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What Parents of Aspiring Models Need to Know

Learn about the biggest misconceptions held by parents of aspiring models from model scout Trudi Tapscott in this Howcast video.

Transcript

Hi my names Trudi Tapscott and I want to explain to you some of the misconceptions that parents have when their kids are starting out in modeling. For someone like me who is a scout in America and I work with kids from their hometown and I encourage them to stay in school, I want them to be well rounded, so I work with the parents. We work together to protect their child while their child is trying to grow up in to a well-rounded young lady and become a professional model. So there are a lot of things to consider.

In other words, a client might want a model or an agency might want a model to come and start; they see her pictures, they think she is great, they want her to come to New York City right away. Well, she is 16 years-old and her parents and I know from working with her closely that she is not ready to do that, that is not a good decision for her at this particular time. She might be somebody that comes from an environment, or whatever, their character, she's grown up slowly, whatever the situation is, maybe she is getting bad grades in school, there is a ton of reasons why, since I am working with the family, then I want to be respectful of what parents need in order for her to grow up and possibly pursue modeling.

So I am a big believer in guiding parents with the right information. However, every parent thinks that their child is special, and they are special. But when it comes to a business they have to have a skill and a talent beyond their specialness. So explaining to parents that it's a business, I think, the hardest thing is when a mother, especially, starts seeing something happen for her daughter. So let's say we get the first test pictures back and we edit what are the right pictures to promote her. A mother sees her daughter completely differently than how a professional sees her daughter as a model.

So those kinds of conversations, sometimes you can learn just enough to be dangerous, so you think you know but it's very hard to look. It's like if I were to look at a picture of myself and a professional were to look at a picture of myself, we're going to see something completely different. That is what parents, because they are the protector of their kids, so. Usually pictures, this is a business, I mean, I have to give everybody a gold medal in the sense that nobody knows about this business. You could live in the middle of Oklahoma and you're just as afraid of knowing more about the business. There's no resource to get the right information. There is no place to go.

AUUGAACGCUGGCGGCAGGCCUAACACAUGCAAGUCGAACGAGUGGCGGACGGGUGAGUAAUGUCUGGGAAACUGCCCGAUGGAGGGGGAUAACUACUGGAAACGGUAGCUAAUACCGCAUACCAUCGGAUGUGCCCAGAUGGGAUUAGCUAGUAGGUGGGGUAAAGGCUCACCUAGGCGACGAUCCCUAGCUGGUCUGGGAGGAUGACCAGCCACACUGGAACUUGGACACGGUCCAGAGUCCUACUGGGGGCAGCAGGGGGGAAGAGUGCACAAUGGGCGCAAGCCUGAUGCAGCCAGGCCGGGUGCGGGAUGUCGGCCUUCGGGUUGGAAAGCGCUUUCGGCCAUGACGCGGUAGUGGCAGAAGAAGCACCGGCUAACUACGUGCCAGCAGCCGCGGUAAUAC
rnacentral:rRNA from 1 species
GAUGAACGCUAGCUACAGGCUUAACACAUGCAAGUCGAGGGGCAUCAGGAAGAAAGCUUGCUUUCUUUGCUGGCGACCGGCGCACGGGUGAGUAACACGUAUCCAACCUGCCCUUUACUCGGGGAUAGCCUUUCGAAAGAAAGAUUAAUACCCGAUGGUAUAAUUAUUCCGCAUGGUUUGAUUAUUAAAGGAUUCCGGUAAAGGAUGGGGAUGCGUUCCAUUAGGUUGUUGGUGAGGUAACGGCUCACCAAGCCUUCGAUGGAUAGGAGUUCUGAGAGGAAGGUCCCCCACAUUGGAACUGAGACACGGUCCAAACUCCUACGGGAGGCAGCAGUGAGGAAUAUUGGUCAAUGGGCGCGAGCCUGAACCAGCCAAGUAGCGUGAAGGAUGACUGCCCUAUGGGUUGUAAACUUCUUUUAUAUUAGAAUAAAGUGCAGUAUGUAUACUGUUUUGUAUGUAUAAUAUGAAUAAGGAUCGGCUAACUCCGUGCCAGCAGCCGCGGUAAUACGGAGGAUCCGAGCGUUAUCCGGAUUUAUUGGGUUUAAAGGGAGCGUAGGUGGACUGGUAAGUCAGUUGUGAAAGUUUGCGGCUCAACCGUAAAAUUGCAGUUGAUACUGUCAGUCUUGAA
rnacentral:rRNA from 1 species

It's not like your Aunt Sally was in this business. Whereas family businesses you learn things; you know things, it's obvious. This business nothing is really obvious. No story is really the same, the steps that one person should take are not necessarily the right steps for the other person because it is very individual.

A lot of parents think they can travel with their daughter everywhere. Well, you can if you've got the money to do that. No one is going to pay for you to do that. Your daughter is not going to be a star until she is a star. There is work to do, and sometimes when they've graduated from high school and they are considered adults legally, the same way you would send them off to college to learn on their own they have to learn this on their own. You can't do it for them and sometimes you want to be there for everything but I think that parents have to realize that it's an adult business. If she is doing it full-time it is the same career if she went to college, or went to work in a store, or if she went to work on the stock market, or wherever You aren't going to go to work with your kid every day.

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